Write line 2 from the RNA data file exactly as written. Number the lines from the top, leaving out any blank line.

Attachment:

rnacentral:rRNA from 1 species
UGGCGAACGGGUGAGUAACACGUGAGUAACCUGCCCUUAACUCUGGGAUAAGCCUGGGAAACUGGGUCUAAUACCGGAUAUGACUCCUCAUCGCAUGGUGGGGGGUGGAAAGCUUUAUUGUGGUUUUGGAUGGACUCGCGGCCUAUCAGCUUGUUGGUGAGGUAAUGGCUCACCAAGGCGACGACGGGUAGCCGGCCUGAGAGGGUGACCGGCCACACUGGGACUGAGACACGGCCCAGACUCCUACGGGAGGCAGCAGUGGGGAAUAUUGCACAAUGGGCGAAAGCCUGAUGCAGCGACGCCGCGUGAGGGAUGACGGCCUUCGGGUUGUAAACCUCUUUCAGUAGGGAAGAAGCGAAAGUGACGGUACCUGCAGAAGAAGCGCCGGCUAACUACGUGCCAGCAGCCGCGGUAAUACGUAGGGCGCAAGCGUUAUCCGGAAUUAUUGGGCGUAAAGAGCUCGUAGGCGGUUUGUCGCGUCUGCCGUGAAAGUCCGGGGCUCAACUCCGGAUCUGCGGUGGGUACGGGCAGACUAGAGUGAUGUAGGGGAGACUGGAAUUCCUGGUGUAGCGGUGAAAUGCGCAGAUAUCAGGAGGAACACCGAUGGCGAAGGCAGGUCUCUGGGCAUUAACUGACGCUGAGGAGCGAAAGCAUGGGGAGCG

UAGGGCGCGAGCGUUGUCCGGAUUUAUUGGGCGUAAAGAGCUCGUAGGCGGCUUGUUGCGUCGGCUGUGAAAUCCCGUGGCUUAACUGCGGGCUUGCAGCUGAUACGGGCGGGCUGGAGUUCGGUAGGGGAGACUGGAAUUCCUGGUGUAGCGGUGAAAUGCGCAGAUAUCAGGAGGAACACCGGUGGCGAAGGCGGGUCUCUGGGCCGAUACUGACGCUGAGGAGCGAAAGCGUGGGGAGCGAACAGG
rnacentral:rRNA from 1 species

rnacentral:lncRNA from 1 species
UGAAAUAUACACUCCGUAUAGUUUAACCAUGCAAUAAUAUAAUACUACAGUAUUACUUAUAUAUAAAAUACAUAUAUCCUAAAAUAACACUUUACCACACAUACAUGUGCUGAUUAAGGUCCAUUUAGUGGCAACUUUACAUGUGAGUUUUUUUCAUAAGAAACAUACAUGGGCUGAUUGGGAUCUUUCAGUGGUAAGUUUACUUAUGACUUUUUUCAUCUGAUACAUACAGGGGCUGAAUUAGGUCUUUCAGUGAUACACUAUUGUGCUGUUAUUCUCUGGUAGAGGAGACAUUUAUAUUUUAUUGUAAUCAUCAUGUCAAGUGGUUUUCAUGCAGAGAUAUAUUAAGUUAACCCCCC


UGGCGAACGGGUGAGUAACACGUGAGUAACCUGCCCUUAACUCUGGGAUAAGCCUGGGAAACUGGGUCUAAUACCGGAUAUGACUCCUCAUCGCAUGGUGGGGGGUGGAAAGCUUUAUUGUGGUUUUGGAUGGACUCGCGGCCUAUCAGCUUGUUGGUGAGGUAAUGGCUCACCAAGGCGACGACGGGUAGCCGGCCUGAGAGGGUGACCGGCCACACUGGGACUGAGACACGGCCCAGACUCCUACGGGAGGCAGCAGUGGGGAAUAUUGCACAAUGGGCGAAAGCCUGAUGCAGCGACGCCGCGUGAGGGAUGACGGCCUUCGGGUUGUAAACCUCUUUCAGUAGGGAAGAAGCGAAAGUGACGGUACCUGCAGAAGAAGCGCCGGCUAACUACGUGCCAGCAGCCGCGGUAAUACGUAGGGCGCAAGCGUUAUCCGGAAUUAUUGGGCGUAAAGAGCUCGUAGGCGGUUUGUCGCGUCUGCCGUGAAAGUCCGGGGCUCAACUCCGGAUCUGCGGUGGGUACGGGCAGACUAGAGUGAUGUAGGGGAGACUGGAAUUCCUGGUGUAGCGGUGAAAUGCGCAGAUAUCAGGAGGAACACCGAUGGCGAAGGCAGGUCUCUGGGCAUUAACUGACGCUGAGGAGCGAAAGCAUGGGGAGCG